In life, Major Alan G Rogers was an American patriot, committed to the US Army in which he had served for 18 of his 40 years. His death this year, from a roadside bomb, which took the number of American losses in Iraq to more than 4,000, robbed the service of an outstanding military intelligence officer and deprived his friends of someone they all described as a great listener and a profoundly religious man.
Major Rogers was also gay. He wasn't asked and, at least to most colleagues, he didn't tell, but the story of his struggle to balance two competing aspects of his life has moved to the heart of the debate about gay military service.
Alan Rogers, raised by adoptive parents in New York and Florida, joined the US Army to serve in the 1991 Gulf War, and later had tours of South Korea and Iraq ahead of the 2003 invasion. He used military sponsorship programmes to pursue academic studies, ultimately becoming a biometrics expert on assignment at the Pentagon before his final tour of duty in Iraq. He was also a Baptist preacher and is remembered as a wise counsellor to friends and men under his command.
Major Rogers' story has been adopted by gay-rights campaigners. Someone on a computer inside the Pentagon was briefly able to change a Wikipedia profile of Major Rogers to omit his sexuality, sparking a battle over whether it was relevant to notices of his long service and his ultimate sacrifice.
"Alan was a true soldier and loved serving his country," his friend Tony Smith remembered. "And he was also a gay man. Alan was not someone who hid his sexual orientation. He didn't wear it on his sleeve, but he didn't hide it under a cloak either."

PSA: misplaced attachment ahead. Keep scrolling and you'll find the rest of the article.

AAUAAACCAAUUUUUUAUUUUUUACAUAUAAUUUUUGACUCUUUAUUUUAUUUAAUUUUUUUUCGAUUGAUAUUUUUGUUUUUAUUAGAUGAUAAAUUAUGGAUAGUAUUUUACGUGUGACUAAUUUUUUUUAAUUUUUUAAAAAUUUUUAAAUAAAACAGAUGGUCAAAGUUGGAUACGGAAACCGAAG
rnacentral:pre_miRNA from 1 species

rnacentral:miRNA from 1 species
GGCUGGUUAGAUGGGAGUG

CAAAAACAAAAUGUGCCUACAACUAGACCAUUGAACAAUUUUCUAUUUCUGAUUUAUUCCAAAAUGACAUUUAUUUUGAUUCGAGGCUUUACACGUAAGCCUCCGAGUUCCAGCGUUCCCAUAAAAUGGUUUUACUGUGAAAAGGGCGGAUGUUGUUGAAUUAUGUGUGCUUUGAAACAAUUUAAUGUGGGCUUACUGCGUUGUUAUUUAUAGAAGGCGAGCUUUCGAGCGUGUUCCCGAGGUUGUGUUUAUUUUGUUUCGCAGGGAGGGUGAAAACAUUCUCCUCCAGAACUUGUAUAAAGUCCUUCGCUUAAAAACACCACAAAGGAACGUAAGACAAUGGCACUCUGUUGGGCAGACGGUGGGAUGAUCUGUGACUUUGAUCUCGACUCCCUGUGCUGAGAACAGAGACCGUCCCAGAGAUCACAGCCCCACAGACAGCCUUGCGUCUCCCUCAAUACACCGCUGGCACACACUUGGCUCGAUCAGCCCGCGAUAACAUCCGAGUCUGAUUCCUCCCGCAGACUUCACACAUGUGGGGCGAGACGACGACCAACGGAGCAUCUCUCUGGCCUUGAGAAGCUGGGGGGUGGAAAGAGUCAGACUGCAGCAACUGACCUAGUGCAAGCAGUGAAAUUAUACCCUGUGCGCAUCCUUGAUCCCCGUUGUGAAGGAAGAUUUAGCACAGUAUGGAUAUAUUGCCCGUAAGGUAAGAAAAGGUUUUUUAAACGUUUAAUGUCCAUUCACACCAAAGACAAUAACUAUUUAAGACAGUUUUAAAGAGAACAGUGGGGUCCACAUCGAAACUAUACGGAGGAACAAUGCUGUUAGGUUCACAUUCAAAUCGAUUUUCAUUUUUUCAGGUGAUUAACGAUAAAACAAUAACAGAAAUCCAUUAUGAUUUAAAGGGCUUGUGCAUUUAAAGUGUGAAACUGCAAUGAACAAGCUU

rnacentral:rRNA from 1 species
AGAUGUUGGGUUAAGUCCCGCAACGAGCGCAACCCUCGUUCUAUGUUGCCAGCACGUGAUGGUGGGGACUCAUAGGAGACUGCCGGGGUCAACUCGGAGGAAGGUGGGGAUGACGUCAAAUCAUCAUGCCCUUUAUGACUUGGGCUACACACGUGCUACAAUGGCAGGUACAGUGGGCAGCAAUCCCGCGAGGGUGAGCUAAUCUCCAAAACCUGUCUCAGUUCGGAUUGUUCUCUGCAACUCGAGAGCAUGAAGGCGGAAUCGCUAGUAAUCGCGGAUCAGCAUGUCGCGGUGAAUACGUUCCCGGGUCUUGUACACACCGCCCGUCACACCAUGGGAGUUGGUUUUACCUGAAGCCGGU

Now, campaigners hope that the example of this dedicated military man, posthumously awarded a Purple Heart for his sacrifice, is giving new impetus to their attempt to rip up the Clinton-era policy known as don't ask, don't tell and finally to allow gays and lesbians to serve openly in the US military. It was a campaign of which Rogers had been a part in life, and which has taken a few faltering steps towards fruition in the short months since his death in January. Although a slim majority of active military personnel still oppose a change, surveys have shown a significant warming towards the idea of repeal, at a time when the US is stretched thin in two wars. Last week, Congress held a hearing on the policy for the first time since it was put on the statute books 15 years ago.
"I think the momentum is there now for change," says Denny Meyer, editor of The Gay Military Times, an online newsletter that advocates a repeal of don't ask, don't tell. His and other lobby groups have adopted the story of Major Rogers to encourage supporters to contact politicians and push for change. "Rightnow we have generals and admirals who have served 20 or 30 years who have come out. Gay people have been serving in America's armed forces since the Revolution – but Major Rogers is the first known homosexual to have been killed."
At home in Washington, he was treasurer of the capital's chapter of American Veterans for Equal Rights, which campaigns to allow gays to serve openly, and he wrote an academic thesis dissecting don't ask, don't tell. But when friends mentioned his sexuality in local newspaper reports after his death, it came as a surprise to former colleagues in the Pentagon.
Cathy Long, his cousin, has joined some military personnel to express displeasure that Major Rogers's story has been adopted by gay-rights campaigners. Activists, though, say that it is precisely by highlighting the sacrifices of gay servicemen and women that they will be able eventually to win the battle to be accorded the same rights to be open about their sexuality as straight colleagues.
Last week's hearing before the House of Representatives Armed Services Personnel Sub-committee was attended by Eric Alva, an Iraq veteran with a Purple Heart who was the first US soldier to be injured during the invasion. While he testified in favour of repealing don't ask, don't tell, the hearing was more notable for the suggestions of Elaine Donnelly, head of the Centre for Military Readiness, who said any change would probably increase the incidence of HIV among service members – and the subsequent ructions among lawmakers, who rounded on her.
Although many US allies allow gays and lesbians to serve openly, and the UK has allowed it since 2000, top Pentagon officials remain opposed. Senator John McCain says he is opposed on the grounds that it will damage morale, but his rival for the presidency, Barack Obama, says he supports the repeal of don't ask, don't tell.Reuse content